Paper, pixels, or plane tickets? Multi-archival perspectives on the decolonisation of Namibia

Namibia was one of the final African states to gain independence, a political trans-formation which was the outcome of a decades-long liberation struggle. The global dimension of the struggle has been duly recognised by generations of historians. As a result, archival materials related to this era - as well as the colonial ones preceding it – are to be found all over the world. Through a discussion of relevant archival collections pertaining to Namibian history - though located outside the boundaries of the Republic of Namibia – this article by Tycho van der Hoog and Bernard C. Moore considers the global archival paper trail of Namibian colonisation and decolonisation.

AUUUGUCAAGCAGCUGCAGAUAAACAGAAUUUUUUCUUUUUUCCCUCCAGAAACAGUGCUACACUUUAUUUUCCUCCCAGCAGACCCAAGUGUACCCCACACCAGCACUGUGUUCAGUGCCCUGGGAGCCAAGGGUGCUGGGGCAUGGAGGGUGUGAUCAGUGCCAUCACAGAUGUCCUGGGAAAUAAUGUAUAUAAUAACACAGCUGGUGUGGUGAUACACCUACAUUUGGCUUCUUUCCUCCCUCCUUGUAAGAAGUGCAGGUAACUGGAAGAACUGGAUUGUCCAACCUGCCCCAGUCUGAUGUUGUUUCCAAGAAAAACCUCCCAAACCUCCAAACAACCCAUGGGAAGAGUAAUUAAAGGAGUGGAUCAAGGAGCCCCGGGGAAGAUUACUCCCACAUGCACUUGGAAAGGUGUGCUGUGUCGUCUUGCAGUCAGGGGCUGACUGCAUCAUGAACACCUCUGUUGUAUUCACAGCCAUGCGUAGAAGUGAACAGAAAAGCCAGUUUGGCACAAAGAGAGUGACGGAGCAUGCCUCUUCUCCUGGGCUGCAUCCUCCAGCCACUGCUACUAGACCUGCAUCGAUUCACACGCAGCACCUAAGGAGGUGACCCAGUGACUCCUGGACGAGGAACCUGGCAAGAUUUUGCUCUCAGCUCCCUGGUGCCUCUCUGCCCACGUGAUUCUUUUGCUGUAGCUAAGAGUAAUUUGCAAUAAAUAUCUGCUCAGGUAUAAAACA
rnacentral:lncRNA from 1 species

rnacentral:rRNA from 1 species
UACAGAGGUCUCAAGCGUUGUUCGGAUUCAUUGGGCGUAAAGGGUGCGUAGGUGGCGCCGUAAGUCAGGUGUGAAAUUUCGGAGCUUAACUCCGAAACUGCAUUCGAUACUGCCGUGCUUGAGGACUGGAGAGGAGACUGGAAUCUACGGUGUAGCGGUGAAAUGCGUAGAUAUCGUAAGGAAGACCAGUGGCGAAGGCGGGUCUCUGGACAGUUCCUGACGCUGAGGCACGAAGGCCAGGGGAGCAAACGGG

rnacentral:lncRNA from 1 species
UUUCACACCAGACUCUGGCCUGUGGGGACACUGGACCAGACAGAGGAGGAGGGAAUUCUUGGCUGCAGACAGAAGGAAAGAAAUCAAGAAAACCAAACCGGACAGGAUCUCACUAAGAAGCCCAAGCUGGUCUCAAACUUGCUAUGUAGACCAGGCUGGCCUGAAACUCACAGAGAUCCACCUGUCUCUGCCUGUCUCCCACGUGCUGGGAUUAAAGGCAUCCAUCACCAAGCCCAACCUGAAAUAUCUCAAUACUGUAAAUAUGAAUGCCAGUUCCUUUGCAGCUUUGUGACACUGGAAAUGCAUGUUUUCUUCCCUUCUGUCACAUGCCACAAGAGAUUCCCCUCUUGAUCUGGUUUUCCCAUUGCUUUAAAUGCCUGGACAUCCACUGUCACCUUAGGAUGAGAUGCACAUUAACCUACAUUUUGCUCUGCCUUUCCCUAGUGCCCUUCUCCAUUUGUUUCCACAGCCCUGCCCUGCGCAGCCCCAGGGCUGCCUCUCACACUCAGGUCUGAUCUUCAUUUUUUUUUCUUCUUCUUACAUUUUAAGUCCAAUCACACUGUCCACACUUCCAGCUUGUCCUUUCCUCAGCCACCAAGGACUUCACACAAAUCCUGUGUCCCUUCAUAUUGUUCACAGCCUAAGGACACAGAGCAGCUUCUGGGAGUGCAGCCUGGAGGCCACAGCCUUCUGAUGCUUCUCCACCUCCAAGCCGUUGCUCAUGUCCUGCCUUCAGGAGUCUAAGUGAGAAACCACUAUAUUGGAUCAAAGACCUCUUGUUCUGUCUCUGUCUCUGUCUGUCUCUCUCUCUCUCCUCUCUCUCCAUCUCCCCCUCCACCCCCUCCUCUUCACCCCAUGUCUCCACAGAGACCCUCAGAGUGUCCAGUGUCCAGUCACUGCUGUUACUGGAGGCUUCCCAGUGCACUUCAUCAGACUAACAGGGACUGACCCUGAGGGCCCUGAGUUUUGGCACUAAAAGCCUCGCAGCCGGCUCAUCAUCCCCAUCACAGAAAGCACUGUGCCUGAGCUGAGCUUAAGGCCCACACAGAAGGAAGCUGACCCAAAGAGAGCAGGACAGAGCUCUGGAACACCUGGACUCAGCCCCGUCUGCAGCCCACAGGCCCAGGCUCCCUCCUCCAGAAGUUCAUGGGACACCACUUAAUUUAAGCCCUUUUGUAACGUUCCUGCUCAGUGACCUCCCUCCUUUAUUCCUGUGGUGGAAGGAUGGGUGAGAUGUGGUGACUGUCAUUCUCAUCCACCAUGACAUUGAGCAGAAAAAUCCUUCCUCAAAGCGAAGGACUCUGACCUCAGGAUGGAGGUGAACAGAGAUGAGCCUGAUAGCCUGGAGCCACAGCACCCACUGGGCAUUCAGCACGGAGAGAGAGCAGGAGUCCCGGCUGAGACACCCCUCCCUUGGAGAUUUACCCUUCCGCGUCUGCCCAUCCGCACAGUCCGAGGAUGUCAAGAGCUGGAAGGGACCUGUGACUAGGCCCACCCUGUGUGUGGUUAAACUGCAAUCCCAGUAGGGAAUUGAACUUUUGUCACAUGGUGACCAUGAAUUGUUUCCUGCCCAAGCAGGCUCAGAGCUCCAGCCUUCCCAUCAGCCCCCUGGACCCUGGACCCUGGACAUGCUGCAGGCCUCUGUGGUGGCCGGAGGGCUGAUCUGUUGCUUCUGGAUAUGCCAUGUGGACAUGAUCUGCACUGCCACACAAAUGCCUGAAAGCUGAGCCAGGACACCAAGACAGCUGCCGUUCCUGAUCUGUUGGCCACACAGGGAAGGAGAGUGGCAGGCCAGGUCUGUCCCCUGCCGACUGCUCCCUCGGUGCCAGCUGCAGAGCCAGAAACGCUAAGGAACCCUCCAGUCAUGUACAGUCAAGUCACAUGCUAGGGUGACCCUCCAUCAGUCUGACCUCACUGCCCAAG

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This article appeared in Journal of Namibian Studies, Otjivanda Presse.Bochum (2022). ISSN: 1863-5954.


Author(s) / editor(s)

Tycho van der Hoog, Bernard C. Moore

About the author(s) / editor(s)

Tycho van der Hoog is a PhD candidate at the African Studies Centre Leiden. His PhD project, tentatively titled ‘Blood, Bullets, and Bronze: The Relations Between North Korea and Southern Africa, 1960-2020’ seeks to reveal the ties that bind North Korea to the African continent.





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